Volume 14, Number 1—January 2008
International Polar Year
Dogs as Sources and Sentinels of Parasites in Humans and Wildlife, Northern Canada
A minimum of 11 genera of parasites, including 7 known or suspected to cause zoonoses, were detected in dogs in 2 northern Canadian communities. Dogs in remote settlements receive minimal veterinary care and may serve as sources and sentinels for parasites in persons and wildlife, and as parasite bridges between wildlife and humans.
Throughout their long history of domestication, dogs have been sources of zoonotic parasites and have served as a link for parasite exchange among livestock, wildlife, and humans (1). Globally, dogs remain an important source of emerging disease in humans (e.g., eosinophilic enteritis caused by Ancylostoma caninum), a bridge for reemerging infections (Echinococcus multilocularis), and a source of parasites for immunocompromised persons (1).
Human disease and parasite infections in dogs in northern Canada have been recognized for some time (2–5). Historically, attention was focused on rabies virus, parvovirus, and canine distemper virus. However, dogs were also recognized as sources of zoonotic parasites such as Echinococcus spp. and as a possible bridge for rabies between wildlife and humans (4,5). Today, in many northern communities, veterinary services are absent or restricted, and disease surveillance programs and routine preventive health measures such as vaccination and parasite control are rare. These conditions have limited our understanding of disease interactions at the dog-human-wildlife interface and our ability to detect and respond to emerging diseases.
Northern environments and socioeconomic systems are changing rapidly and altering interactions among humans, animals, and their pathogens (6,7). In this study, we examined parasite diversity among dogs in 2 northern Canadian communities and evaluated the role of dogs as sentinels and sources of zoonotic infections in this changing landscape.
Canine preventative healthcare clinics were available in Fort Chipewyan, Alberta, and Fort Resolution, Northwest Territories, in August 2006. Dogs were presented by their owners voluntarily and a detailed history, blood, and fresh fecal samples were obtained. Feces were stored at 4°C until examined within 6–12 days by quantitative sugar flotation and light microscopy (8). Fecal samples positive for Giardia spp. were genotyped (9). Serum samples were tested for antibodies against Toxoplasma gondii and Neospora caninum by using modified direct agglutination and immunofluorescence assays, respectively, at the US Department of Agriculture (Beltsville, MD, USA). Dilutions >1:25 were considered positive. Associations between parasitism and host (sex, age, community) and husbandry factors (housing, food type, community) were examined for adult dogs by χ2 analysis and Fisher exact test by using analytical software (Statistix, Tallahassee, FL, USA).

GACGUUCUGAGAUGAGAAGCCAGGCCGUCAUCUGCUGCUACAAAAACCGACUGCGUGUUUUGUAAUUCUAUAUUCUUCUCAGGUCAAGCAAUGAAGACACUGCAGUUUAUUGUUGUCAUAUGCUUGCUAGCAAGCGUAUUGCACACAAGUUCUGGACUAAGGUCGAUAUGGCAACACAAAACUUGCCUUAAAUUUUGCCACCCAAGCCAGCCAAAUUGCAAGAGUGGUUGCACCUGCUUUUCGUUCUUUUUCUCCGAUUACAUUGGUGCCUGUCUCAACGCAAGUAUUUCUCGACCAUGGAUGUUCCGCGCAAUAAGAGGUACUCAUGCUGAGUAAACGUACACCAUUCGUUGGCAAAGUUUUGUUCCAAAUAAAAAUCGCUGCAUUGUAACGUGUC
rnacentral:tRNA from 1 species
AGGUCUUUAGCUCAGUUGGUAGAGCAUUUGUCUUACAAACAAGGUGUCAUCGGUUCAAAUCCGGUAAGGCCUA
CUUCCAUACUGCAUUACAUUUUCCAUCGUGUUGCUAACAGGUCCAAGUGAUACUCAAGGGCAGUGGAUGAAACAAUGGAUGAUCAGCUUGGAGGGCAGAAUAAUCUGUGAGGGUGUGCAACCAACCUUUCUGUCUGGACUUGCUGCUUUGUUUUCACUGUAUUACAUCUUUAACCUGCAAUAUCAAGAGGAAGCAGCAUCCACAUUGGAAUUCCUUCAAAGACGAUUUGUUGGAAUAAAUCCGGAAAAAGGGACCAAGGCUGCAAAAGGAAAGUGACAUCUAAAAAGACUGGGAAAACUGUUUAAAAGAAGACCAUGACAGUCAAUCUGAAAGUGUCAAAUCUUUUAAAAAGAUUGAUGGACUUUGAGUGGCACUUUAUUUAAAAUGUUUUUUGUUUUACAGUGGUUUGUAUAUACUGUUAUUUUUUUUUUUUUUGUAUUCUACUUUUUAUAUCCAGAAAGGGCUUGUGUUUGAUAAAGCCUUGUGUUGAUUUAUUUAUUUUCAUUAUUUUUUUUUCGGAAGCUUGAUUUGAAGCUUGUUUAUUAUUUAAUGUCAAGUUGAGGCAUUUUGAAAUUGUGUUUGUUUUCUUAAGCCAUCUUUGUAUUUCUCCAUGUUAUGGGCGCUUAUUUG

The study population consisted of a variety of breeds and cross-breeds, including Siberian husky, Laborador retriever, German shepherd, terriers, and other types. Most dogs were housed outdoors and many were fed fish and game (raw, frozen, fresh, cooked, or dry). Of dogs eating wild game, they ate moose (95.8%), muskrat (53.5%), caribou (54.9%), bison (45.1%), rabbit (28.2%), beaver (25.4%), elk (15.5%), and deer (14.1%) (Figures 1, 2).
A minimum of 11 parasite genera were detected and 47% of dogs had >1 gastrointestinal parasite (Tables 1, 2). Taeniid eggs were either from Echinococcus spp. or Taenia spp. Dogs housed outdoors were more likely to have housing-associated parasites such as Toxocara spp., Toxascaris spp., Cystoisospora spp., and Uncinaria spp. (p<0.0001). Dogs who ate wild game were more likely to have game-associated parasites such as Sarcocystis spp., Taenia spp., and Echinococcus spp. (p<0.05). No statistically significant associations were found between food or housing, and T. gondii or N. caninum infections and previous veterinary care or deworming had no effect on parasite prevalence.
In the Northwest Territories, harvesting country foods is a key cultural activity and is important for sustenance; 75% of persons eat harvested meat and fish (10). Dogs fed fish and game can serve as indicators of parasites in these human food sources. Diet-associated zoonotic parasites detected in dogs included Diphyllobothrium spp., cestodes acquired by eating undercooked or inadequately frozen fish (found in humans throughout northern Canada); Alaria spp., trematodes acquired by eating frogs or paratenic hosts; and T. gondii, tissue protozoans acquired by eating oocysts from felid feces or tissue cysts in intermediate hosts (a worldwide human pathogen). In aboriginal persons in northern Canada, seroconversion for T. gondii during pregnancy has been associated with diets that include caribou (11). High seroprevalence in dogs indicates that T. gondii is common in the study area; however, the source of exposure was not identified. Given potential consequences for infection of parasite-negative pregnant women, further research is warranted on the association of human toxoplasmosis with a diet of country foods in northern regions.